Google idea factory Lynn bell labs Ben Katie
"lynn digression" Discussed on Linear Digressions

Linear Digressions

03:10 min | 2 years ago

"lynn digression" Discussed on Linear Digressions

"Expectations. You know, say that this feels like a good development for people like me who might be interested in getting into machine learning. But frankly, it seems like the the hurdle to get a machine learning sorry to the hurdle to get data side job as data science is kind of huge unless you already have a good amount of the Right Math. And and all of that. It's interesting to consider that now as the field has become more mature. And you you have these new role title job titles in expectations coming out that someone who's just an engineer might actually have a lot to offer either as a data engineer or as machine learning engineer. I think that's a great point. Actually, there are a lot of there are a lot of, you know, online comment threads and stuff. Like that that I was reading studying for this episode. It seems like there's a lot of. People who've been fairly successful, actually, as you know, becoming software engineers, or you know, maybe they were software engineers before they thought data science sounded kind of interesting, and they just found ways to get a little bit closer to that type of work at their job. Whether it meant working with data, scientists if their company had them or being the person who raised their hand when there was some kind of interested in doing a little bit more sophisticated data stuff. And so that seems like a, yeah, it's an interesting path that has been pretty successful for some people where it's a move from software engineer a little bit more towards data science and the the field in general seems to be finding that really valuable. So if you're one of those people in you're listening to this right now hats off to you. And I think you you might be onto something. Awesome. Well, I will let you know if I start my move into data, you should w sofa and. Pretty cool. I think you could fake your way through. Gaudy interview after all of these all of these episodes. I mean, but again like we've already talked about in this episode. I can't get the language, right? That's true. And you kind of need to you need to do it. You know, I think. Yeah. You need to spend some time to get your hands dirty. But yeah, I I I look forward to seeing what incredible things you have to contribute to the field of machine learning engineering. Please don't set the bar that. Aggressions is a creative Commons endeavor, which means you can share or use it any way you like just tell them. We said hi to find out more about this or any other episode of linear digressions, go to the new year, digressions dot com. And if you like this podcast go and leave us review on I tunes. So other people get to listen to this content. You can always get in touch with either of us. Are emails are Ben at linear digression, sti-, calm and Katie at linear degradations that come in case, you have comments or suggestions for future shows. You can tweet us at Lynn digressions. Thank you for joining us. And we'll see you next.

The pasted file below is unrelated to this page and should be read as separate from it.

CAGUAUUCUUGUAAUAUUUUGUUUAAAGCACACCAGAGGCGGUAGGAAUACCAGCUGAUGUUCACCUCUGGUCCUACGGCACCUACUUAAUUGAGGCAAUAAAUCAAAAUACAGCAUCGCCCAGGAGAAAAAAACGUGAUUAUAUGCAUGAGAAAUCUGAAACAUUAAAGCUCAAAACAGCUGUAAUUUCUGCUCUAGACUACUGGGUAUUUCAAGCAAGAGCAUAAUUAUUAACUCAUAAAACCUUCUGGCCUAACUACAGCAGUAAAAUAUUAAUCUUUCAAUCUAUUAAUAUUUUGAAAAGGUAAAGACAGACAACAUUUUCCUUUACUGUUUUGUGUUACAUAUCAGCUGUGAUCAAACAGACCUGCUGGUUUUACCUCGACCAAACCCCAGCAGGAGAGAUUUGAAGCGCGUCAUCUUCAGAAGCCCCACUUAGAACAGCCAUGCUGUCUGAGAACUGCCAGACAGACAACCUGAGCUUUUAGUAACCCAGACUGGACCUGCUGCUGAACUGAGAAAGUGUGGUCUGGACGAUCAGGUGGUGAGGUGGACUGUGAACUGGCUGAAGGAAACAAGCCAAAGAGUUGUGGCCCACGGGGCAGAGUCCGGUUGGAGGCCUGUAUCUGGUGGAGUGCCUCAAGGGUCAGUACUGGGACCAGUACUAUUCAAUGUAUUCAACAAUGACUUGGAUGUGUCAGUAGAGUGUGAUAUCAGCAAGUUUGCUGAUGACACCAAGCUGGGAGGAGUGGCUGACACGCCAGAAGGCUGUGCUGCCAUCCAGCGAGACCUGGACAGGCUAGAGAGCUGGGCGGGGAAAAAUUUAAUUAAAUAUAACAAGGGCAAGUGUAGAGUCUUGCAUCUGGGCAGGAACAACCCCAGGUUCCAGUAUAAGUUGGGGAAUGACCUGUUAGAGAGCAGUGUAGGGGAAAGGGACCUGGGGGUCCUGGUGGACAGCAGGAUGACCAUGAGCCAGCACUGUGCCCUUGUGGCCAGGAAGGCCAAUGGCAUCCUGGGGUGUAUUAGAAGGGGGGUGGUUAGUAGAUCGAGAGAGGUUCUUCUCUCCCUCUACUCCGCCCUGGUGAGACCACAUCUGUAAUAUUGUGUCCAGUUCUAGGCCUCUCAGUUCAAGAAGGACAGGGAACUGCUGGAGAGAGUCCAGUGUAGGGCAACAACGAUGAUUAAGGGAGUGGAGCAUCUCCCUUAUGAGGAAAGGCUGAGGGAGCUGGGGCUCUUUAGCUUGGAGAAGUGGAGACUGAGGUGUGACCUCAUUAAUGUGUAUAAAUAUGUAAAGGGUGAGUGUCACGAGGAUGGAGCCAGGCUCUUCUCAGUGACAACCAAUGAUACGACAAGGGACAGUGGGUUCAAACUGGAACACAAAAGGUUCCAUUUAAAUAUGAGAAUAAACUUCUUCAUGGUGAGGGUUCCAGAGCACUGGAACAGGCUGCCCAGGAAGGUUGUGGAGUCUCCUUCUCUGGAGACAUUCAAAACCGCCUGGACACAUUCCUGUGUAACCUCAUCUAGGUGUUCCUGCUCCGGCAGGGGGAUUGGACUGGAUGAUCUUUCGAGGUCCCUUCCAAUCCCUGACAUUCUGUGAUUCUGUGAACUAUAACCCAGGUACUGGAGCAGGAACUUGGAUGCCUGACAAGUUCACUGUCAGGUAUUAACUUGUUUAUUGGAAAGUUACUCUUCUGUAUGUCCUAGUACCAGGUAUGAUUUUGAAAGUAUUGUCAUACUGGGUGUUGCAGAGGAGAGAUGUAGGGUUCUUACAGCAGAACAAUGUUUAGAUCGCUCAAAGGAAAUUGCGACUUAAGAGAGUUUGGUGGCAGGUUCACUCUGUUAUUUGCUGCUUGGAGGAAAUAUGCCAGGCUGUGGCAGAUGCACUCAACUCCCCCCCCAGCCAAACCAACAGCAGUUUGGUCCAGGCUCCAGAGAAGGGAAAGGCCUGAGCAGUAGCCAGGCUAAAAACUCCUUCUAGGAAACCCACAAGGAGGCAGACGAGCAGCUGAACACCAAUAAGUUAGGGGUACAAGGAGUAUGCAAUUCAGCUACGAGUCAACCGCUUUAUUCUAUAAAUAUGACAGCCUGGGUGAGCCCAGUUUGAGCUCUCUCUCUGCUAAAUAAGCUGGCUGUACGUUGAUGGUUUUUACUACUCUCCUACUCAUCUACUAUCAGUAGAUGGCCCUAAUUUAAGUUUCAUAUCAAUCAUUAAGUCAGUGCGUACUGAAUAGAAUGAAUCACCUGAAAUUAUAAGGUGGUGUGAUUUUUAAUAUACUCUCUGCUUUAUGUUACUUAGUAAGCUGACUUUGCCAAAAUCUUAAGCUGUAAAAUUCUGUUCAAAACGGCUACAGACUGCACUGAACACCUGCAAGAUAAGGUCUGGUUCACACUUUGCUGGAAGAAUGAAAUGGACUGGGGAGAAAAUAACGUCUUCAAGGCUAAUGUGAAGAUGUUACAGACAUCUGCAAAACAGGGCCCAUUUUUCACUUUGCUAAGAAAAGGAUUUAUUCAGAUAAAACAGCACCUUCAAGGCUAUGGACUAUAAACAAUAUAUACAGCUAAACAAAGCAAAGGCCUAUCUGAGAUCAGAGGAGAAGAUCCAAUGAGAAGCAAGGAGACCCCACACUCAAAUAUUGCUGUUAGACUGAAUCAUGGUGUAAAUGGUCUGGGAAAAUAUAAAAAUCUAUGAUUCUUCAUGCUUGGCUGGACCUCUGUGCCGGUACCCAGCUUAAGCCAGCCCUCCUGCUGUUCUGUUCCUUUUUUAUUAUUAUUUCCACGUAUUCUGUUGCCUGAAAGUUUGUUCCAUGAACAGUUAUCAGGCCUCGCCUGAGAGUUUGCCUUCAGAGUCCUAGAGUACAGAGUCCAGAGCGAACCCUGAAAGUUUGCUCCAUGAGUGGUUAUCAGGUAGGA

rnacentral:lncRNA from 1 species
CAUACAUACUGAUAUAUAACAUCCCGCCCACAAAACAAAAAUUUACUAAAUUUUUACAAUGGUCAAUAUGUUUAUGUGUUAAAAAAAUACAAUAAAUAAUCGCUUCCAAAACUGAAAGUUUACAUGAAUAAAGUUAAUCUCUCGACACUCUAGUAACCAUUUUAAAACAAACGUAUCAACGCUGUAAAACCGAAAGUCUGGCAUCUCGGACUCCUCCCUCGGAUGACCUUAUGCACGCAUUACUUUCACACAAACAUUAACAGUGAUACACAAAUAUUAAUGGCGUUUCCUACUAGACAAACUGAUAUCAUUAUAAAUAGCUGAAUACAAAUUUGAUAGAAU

engineer software engineer Lynn Katie Ben
"lynn digression" Discussed on Linear Digressions

Linear Digressions

09:22 min | 2 years ago

"lynn digression" Discussed on Linear Digressions